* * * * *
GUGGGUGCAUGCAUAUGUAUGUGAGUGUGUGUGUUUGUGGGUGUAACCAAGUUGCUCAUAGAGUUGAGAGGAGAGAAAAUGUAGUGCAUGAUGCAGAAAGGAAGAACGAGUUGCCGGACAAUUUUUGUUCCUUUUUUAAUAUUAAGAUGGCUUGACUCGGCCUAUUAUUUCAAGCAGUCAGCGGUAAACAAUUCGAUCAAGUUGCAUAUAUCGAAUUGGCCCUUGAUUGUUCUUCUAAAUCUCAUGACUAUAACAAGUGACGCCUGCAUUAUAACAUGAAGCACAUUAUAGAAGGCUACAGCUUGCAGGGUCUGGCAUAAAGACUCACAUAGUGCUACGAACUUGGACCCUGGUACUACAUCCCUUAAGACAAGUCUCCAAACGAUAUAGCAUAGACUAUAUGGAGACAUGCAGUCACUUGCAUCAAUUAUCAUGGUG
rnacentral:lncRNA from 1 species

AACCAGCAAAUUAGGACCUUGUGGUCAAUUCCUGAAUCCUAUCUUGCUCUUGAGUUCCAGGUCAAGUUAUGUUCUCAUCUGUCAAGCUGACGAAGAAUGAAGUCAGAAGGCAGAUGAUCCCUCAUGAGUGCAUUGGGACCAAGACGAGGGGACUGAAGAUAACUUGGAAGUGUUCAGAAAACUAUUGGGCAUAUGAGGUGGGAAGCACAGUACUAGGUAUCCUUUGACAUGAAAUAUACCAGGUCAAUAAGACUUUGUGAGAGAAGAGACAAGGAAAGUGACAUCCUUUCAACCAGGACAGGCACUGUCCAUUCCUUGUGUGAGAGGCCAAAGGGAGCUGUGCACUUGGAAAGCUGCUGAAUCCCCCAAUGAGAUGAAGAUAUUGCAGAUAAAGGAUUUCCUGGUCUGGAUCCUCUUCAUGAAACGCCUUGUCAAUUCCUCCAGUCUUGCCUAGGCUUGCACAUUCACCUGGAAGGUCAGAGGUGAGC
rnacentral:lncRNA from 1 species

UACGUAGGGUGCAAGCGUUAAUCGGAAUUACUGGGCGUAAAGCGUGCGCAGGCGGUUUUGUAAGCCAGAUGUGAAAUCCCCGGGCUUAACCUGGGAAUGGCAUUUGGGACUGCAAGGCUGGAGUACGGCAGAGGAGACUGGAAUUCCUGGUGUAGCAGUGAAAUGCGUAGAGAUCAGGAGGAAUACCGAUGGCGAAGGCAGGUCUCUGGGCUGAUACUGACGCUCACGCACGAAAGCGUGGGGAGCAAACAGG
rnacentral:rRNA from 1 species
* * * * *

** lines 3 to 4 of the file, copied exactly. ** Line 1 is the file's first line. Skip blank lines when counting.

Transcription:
AACCAGCAAAUUAGGACCUUGUGGUCAAUUCCUGAAUCCUAUCUUGCUCUUGAGUUCCAGGUCAAGUUAUGUUCUCAUCUGUCAAGCUGACGAAGAAUGAAGUCAGAAGGCAGAUGAUCCCUCAUGAGUGCAUUGGGACCAAGACGAGGGGACUGAAGAUAACUUGGAAGUGUUCAGAAAACUAUUGGGCAUAUGAGGUGGGAAGCACAGUACUAGGUAUCCUUUGACAUGAAAUAUACCAGGUCAAUAAGACUUUGUGAGAGAAGAGACAAGGAAAGUGACAUCCUUUCAACCAGGACAGGCACUGUCCAUUCCUUGUGUGAGAGGCCAAAGGGAGCUGUGCACUUGGAAAGCUGCUGAAUCCCCCAAUGAGAUGAAGAUAUUGCAGAUAAAGGAUUUCCUGGUCUGGAUCCUCUUCAUGAAACGCCUUGUCAAUUCCUCCAGUCUUGCCUAGGCUUGCACAUUCACCUGGAAGGUCAGAGGUGAGC
rnacentral:lncRNA from 1 species